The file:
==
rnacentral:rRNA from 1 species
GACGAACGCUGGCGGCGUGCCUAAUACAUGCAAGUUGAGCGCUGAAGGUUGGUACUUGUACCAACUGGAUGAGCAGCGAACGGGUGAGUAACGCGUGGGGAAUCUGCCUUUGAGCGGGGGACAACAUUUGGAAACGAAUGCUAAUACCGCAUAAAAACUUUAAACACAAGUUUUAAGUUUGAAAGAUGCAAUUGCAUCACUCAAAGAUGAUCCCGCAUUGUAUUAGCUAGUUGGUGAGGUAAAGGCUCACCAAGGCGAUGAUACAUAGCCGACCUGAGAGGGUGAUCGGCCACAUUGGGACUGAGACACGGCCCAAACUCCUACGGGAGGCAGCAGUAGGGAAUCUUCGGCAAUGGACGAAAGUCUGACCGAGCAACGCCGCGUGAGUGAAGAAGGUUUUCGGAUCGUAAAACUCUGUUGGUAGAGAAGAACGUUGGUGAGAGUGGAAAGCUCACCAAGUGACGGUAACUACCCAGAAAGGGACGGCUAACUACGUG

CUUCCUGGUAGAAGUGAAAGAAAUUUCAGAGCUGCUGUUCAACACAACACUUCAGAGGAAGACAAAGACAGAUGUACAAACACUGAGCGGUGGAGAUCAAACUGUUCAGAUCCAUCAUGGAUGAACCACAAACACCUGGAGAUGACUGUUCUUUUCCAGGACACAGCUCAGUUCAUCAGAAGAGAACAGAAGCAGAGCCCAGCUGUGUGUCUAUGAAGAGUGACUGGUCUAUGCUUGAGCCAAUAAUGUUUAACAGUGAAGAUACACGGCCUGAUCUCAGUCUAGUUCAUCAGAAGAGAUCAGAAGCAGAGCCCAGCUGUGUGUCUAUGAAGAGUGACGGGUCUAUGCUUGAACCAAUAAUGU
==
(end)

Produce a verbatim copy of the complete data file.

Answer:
rnacentral:rRNA from 1 species
GACGAACGCUGGCGGCGUGCCUAAUACAUGCAAGUUGAGCGCUGAAGGUUGGUACUUGUACCAACUGGAUGAGCAGCGAACGGGUGAGUAACGCGUGGGGAAUCUGCCUUUGAGCGGGGGACAACAUUUGGAAACGAAUGCUAAUACCGCAUAAAAACUUUAAACACAAGUUUUAAGUUUGAAAGAUGCAAUUGCAUCACUCAAAGAUGAUCCCGCAUUGUAUUAGCUAGUUGGUGAGGUAAAGGCUCACCAAGGCGAUGAUACAUAGCCGACCUGAGAGGGUGAUCGGCCACAUUGGGACUGAGACACGGCCCAAACUCCUACGGGAGGCAGCAGUAGGGAAUCUUCGGCAAUGGACGAAAGUCUGACCGAGCAACGCCGCGUGAGUGAAGAAGGUUUUCGGAUCGUAAAACUCUGUUGGUAGAGAAGAACGUUGGUGAGAGUGGAAAGCUCACCAAGUGACGGUAACUACCCAGAAAGGGACGGCUAACUACGUG

CUUCCUGGUAGAAGUGAAAGAAAUUUCAGAGCUGCUGUUCAACACAACACUUCAGAGGAAGACAAAGACAGAUGUACAAACACUGAGCGGUGGAGAUCAAACUGUUCAGAUCCAUCAUGGAUGAACCACAAACACCUGGAGAUGACUGUUCUUUUCCAGGACACAGCUCAGUUCAUCAGAAGAGAACAGAAGCAGAGCCCAGCUGUGUGUCUAUGAAGAGUGACUGGUCUAUGCUUGAGCCAAUAAUGUUUAACAGUGAAGAUACACGGCCUGAUCUCAGUCUAGUUCAUCAGAAGAGAUCAGAAGCAGAGCCCAGCUGUGUGUCUAUGAAGAGUGACGGGUCUAUGCUUGAACCAAUAAUGU